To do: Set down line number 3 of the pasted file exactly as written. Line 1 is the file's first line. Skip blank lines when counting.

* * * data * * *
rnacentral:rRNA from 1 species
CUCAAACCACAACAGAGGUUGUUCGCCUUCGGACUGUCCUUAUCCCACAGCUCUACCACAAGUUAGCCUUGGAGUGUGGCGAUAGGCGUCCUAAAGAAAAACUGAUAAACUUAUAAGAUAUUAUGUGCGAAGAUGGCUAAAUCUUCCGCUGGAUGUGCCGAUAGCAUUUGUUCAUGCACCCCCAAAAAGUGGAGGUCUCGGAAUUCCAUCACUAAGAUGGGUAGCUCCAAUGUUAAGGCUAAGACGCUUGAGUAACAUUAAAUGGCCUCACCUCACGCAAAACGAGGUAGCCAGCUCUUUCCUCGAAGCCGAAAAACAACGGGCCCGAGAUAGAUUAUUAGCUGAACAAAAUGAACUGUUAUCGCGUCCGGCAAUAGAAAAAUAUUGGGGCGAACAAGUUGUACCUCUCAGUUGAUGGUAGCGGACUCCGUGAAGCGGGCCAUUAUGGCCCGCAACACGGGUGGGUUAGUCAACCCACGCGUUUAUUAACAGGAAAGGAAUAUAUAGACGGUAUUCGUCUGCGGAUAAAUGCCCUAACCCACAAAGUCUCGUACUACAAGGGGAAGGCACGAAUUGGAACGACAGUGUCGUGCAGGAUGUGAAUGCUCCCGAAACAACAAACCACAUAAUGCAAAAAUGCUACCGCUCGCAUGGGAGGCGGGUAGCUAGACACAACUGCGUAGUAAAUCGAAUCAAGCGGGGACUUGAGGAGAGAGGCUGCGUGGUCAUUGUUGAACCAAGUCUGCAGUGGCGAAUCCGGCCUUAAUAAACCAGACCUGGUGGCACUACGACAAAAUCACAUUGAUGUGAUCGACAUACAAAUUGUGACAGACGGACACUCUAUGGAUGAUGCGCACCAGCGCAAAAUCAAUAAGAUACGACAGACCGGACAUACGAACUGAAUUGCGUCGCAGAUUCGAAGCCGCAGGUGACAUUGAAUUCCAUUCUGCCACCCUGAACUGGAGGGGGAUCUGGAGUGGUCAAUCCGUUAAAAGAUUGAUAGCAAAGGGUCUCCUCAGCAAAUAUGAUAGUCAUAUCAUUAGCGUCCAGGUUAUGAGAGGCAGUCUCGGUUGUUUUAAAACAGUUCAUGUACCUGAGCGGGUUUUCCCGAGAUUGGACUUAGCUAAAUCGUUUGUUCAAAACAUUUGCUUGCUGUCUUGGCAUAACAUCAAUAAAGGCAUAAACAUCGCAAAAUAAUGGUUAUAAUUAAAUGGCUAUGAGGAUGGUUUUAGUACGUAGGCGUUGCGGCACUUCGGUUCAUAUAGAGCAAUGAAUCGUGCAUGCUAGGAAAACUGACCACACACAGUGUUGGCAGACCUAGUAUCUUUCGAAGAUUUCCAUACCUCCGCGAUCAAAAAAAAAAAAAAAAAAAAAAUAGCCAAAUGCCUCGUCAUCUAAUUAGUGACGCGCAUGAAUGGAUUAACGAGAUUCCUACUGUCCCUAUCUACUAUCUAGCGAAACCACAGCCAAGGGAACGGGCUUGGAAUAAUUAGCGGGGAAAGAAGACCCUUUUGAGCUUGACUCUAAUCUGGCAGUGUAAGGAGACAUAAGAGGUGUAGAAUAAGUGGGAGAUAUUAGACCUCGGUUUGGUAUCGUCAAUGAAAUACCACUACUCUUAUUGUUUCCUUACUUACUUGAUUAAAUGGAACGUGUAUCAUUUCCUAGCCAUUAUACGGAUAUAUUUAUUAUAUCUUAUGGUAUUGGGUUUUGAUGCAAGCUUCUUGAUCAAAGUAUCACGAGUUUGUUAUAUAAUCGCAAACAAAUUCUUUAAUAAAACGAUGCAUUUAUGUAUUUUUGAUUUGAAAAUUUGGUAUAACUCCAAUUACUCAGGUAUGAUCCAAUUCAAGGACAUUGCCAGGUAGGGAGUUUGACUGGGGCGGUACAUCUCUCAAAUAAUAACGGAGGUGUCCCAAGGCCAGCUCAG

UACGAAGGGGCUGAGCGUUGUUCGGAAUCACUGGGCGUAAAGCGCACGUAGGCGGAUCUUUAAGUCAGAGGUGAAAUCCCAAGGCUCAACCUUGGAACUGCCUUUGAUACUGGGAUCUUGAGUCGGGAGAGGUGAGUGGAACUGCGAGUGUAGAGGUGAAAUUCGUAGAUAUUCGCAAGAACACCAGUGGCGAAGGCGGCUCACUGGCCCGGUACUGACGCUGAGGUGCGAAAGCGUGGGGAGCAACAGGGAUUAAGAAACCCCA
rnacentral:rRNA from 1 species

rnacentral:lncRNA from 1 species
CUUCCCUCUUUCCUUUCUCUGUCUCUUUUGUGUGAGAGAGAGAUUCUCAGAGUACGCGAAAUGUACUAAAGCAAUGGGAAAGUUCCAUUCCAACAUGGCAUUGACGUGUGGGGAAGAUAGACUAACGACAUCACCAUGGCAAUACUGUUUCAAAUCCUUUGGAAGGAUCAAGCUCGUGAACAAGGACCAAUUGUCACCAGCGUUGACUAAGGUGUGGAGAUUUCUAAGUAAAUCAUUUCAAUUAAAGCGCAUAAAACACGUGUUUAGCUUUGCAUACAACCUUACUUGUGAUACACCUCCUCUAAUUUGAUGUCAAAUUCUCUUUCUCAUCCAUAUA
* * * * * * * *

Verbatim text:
UACGAAGGGGCUGAGCGUUGUUCGGAAUCACUGGGCGUAAAGCGCACGUAGGCGGAUCUUUAAGUCAGAGGUGAAAUCCCAAGGCUCAACCUUGGAACUGCCUUUGAUACUGGGAUCUUGAGUCGGGAGAGGUGAGUGGAACUGCGAGUGUAGAGGUGAAAUUCGUAGAUAUUCGCAAGAACACCAGUGGCGAAGGCGGCUCACUGGCCCGGUACUGACGCUGAGGUGCGAAAGCGUGGGGAGCAACAGGGAUUAAGAAACCCCA